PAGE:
Authorities to clamp down on illegal gypsy transportation | THE DAILY HERALD

PHILIPSBURG–Authorities are looking to clamp down on illegal gypsy transportation, particularly at Port St. Maarten.

  Stakeholders from a number of areas met on Tuesday to discuss the issue and come up with solutions on how to tackle it. At the meeting were representatives of the Ministry of Public Housing, Environment, Spatial Development and Infrastructure VROMI; Ministry of Tourism, Economic Affairs, Transport and Telecommunication (TEATT); Port St. Maarten; St. Maarten Tourist Bureau; Dutch-side Taxi Association; Downtown Taxi Association;  Airport Taxi Association; Prosecutor’s Office; and St. Maarten Police Force.

  The objective of the meeting was for parties to jointly come up with solutions to combat “the ongoing and growing illegal public transport” situation (gypsies) on the island, primarily at the entrance of Port St. Maarten when cruise ships are in port, police spokesperson Chief Inspector Ricardo Henson said in a press release on Wednesday.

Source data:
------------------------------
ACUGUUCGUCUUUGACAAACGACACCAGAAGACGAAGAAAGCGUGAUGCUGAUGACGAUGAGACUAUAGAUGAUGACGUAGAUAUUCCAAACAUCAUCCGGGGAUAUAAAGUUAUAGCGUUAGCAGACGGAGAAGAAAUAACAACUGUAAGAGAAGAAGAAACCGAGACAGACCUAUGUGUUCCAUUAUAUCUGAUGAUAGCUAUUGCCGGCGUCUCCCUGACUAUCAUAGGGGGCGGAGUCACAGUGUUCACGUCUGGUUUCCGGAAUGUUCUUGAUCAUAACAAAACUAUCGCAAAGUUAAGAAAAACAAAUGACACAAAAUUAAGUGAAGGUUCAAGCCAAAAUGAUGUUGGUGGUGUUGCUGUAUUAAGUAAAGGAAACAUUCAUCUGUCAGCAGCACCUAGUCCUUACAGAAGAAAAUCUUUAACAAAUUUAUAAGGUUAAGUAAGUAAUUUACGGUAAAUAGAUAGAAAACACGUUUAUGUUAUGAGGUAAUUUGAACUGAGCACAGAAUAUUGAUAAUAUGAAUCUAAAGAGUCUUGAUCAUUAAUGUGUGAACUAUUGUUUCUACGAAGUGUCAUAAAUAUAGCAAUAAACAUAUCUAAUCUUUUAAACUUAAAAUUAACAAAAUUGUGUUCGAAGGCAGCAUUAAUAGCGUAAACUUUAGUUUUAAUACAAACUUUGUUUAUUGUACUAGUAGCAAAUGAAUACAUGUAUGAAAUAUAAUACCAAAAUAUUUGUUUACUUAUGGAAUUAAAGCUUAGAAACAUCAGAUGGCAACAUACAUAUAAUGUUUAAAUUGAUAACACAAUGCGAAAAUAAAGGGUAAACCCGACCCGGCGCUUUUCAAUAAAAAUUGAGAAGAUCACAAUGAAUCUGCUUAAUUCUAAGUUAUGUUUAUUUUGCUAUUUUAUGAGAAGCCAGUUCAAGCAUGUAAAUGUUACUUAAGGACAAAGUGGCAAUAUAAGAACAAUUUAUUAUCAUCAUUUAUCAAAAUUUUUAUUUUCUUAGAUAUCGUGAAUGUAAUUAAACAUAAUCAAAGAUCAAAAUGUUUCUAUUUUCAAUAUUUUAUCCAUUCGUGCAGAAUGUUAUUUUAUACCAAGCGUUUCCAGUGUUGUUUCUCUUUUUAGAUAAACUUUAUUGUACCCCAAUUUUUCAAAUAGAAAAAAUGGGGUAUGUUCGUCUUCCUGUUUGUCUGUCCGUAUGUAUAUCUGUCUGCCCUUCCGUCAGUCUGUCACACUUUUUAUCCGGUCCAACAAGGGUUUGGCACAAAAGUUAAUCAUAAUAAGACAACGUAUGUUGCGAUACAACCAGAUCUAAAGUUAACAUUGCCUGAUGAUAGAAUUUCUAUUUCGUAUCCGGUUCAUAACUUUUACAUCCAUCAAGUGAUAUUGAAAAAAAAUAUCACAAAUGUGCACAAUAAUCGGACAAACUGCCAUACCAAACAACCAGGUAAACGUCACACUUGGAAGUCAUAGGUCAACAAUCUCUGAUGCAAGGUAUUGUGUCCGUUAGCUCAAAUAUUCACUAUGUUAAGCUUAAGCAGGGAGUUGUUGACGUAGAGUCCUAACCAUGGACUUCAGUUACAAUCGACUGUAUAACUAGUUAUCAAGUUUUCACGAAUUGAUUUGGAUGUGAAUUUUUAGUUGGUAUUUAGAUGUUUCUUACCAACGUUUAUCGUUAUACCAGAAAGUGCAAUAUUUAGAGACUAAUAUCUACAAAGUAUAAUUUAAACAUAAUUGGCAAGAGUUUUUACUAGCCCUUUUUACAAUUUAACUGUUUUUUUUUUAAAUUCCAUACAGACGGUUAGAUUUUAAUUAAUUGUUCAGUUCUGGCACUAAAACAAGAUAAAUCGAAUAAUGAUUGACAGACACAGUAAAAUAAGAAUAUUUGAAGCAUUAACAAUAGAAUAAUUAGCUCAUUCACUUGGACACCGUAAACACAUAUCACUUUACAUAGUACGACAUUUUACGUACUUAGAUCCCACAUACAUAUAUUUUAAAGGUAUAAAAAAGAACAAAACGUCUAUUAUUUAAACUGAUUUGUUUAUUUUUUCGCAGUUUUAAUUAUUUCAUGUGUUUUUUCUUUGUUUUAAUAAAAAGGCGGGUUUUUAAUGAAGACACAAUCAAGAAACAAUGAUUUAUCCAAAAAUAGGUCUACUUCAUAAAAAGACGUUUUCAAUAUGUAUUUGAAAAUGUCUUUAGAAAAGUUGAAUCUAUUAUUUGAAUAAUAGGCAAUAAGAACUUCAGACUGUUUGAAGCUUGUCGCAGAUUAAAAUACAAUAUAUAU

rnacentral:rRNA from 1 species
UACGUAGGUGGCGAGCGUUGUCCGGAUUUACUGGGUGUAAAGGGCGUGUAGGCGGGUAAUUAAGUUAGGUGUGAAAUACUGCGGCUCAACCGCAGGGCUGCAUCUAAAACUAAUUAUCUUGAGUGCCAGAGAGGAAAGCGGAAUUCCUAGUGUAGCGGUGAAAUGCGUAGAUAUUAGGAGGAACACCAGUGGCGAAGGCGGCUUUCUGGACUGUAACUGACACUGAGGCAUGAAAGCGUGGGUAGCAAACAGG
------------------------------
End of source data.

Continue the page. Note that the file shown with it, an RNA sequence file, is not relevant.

“This situation has been ongoing for a number of years and many attempts by authorities have been made to have this problem taken care of,” he said.

  Community Police Officer (CPO) Felix Richards delivered an extensive PowerPoint presentation of the current situation, during the meeting. Following the presentation representatives of the various departments had a chance to give their opinions and concerns on the matter.

  “The meeting was a very informative one whereby all stakeholders’ representatives involved vowed to bring their ideas forward and to give their fullest cooperation to jointly come up with solutions on how to best solve this ongoing problem,” Henson said. In the meantime, police “will continue to tackle the situation the best way they can until other legal measures can be taken against this illegal form of public transportation.”

  Stakeholders will meet again in the next two weeks on the matter.

Source: The Daily Herald